I have a separate panel that I made a while ago out of a small scrap of Claro that I re-sawed and glued up as a book match. My plan is to use this as the panel in the door to the cabinet. I put a quick coat of wax on it to get a sense of how the color and pattern would work. It’s OK, not great – but it’s what I have on hand.
Book matched panel for the cabinet
So, working outward from the size of the panel I get to the rough dimensions for the cabinet, 21.5″ tall by 12.75″ wide. Roughly three coffee cups wide by four rows of cups tall. The door will be a frame and panel construction and will overlay the sides but fit between the top and bottom. I haven’t made a final decision on whether the rails or the stiles will be the full dimension of the case. Given the case is taller than wide, my inclination is to make the stiles the full height and the rails shorter, fitting between them. We’ll see how it looks when I get the case assembled. I don’t haven enough Claro for the back, but I do have enough maple for a ship-lap back I think.
I want to cut beads into the edges of the ship-lap back, but I don’t have a side-bead molding plane the right scale. I have a 3/8″ (which is too large) and one marked 1/8″ but the actual; bead is only about 1/16″, it’s pretty useless. I think I need one that will cut an actual bead about 3/16″ or 1/4″ wide. Side bead molding planes aren’t particularly rare, so I’m sure I can find one on ebay or maybe Hyperkitten.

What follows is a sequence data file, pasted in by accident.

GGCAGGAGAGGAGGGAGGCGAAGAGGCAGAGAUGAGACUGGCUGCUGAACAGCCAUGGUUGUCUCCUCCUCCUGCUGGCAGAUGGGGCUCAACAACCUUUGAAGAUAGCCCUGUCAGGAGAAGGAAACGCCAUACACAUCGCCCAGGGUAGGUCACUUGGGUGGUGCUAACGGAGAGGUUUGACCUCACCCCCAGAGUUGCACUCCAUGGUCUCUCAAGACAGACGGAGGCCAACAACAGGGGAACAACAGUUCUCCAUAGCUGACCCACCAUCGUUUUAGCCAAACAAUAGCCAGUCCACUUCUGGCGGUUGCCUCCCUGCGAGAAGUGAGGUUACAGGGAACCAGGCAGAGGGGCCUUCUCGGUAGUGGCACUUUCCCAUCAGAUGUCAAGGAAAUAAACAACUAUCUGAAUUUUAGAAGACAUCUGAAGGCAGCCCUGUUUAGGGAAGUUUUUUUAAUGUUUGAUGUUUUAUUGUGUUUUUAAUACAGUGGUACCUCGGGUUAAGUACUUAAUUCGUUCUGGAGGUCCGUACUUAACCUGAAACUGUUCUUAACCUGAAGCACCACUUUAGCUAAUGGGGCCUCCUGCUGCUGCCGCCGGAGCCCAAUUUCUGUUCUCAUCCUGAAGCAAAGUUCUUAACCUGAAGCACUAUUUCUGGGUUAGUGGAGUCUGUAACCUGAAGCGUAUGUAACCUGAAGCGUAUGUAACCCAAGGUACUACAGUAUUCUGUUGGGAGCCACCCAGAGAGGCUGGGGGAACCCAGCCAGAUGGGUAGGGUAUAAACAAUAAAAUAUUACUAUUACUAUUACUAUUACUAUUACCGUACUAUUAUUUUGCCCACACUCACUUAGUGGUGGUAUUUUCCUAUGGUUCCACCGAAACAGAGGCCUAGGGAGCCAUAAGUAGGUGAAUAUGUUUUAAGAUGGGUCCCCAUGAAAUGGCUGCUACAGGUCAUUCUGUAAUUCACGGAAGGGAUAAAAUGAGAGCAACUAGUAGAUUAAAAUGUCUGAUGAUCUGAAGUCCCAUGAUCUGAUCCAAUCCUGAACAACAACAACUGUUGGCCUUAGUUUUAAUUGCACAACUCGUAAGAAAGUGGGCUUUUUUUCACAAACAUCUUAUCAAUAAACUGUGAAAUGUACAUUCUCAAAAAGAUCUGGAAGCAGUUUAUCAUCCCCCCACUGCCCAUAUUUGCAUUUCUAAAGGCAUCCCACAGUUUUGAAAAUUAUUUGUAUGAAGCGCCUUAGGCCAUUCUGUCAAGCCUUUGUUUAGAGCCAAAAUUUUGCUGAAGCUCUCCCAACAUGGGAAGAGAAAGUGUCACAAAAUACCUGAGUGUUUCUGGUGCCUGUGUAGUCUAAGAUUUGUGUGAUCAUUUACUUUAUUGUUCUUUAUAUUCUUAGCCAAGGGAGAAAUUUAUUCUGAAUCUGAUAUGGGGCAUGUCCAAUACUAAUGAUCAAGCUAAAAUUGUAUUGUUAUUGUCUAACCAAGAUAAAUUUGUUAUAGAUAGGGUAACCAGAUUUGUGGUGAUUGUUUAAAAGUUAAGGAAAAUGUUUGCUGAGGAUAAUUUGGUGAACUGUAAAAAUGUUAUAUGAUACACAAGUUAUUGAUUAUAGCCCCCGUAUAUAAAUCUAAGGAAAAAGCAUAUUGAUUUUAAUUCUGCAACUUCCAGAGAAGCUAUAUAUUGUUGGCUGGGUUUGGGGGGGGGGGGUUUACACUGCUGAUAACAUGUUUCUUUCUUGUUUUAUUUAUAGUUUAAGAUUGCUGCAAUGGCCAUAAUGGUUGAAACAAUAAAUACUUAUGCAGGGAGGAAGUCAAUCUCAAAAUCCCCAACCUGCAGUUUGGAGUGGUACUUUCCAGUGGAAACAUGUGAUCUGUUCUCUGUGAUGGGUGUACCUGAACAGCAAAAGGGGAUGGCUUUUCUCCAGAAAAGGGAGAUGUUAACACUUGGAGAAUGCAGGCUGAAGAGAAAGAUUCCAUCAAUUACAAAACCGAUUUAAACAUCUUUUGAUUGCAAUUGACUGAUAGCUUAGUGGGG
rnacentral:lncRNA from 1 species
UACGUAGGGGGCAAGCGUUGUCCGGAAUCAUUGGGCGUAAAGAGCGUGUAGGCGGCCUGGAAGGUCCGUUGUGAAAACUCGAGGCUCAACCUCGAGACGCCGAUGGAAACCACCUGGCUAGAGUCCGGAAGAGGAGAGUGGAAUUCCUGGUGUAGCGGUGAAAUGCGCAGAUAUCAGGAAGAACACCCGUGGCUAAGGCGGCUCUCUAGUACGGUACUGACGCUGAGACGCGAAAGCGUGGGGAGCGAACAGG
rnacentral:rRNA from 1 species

Design sketch and dimensions
But before I can start on the back I need to make the case. I ripped and cross cut the sides, then planed the edges and faces to get a nice crisp surface. I used my #5 1/2 LN with a high angle frog, and it seemed to handle the walnut pretty well. Just the slightest roughness left in the figured areas, but no visible tear out. I measured the shavings and I’m getting 0.0015″ thick shavings – that’s one and a half thousandths.
Cleaning up the sawn edges
I’m using the “140 trick” again to align the case sides and ends when I transfer the tails. It worked so well on the nail cabinet that I’m going to make it a regular part of my procedure. If you’re not familiar with this, the idea is to cut a shallow rabbet on the inside faces of the tail boards before cutting the tails. Then when you lay the tail board onto the pin board the rabbet will align and square the two boards, working as a positive stop. It will also hide and tiny imperfections on the inside baselines.
140 trick — shallow alignment rabbet
Then I laid out and cut the tails, gang cutting them. I have one minor boo-boo where I had the angle wrong on one of the tails. The morning sun in my shop creates terrible glare on my workbench and I couldn’t see well enough. It isn’t a huge problem, just a slight inconsistency. I’m on the fence as to whether I’ll correct the angle by paring the side of that one tail (it’s ever so slightly wider than the others) or leave it be.
The next steps on this project are to transfer the layout for the pins and cut them, test fit the sides, layout and cut the rabbet for the back and assemble the case. I also need to decided on hinges, if I’m going to use knife hinges it would be better to cut the mortises for those before the case is glued up, but after the door is made. And of course I’ll need to order the hinges first.
Onward and upward!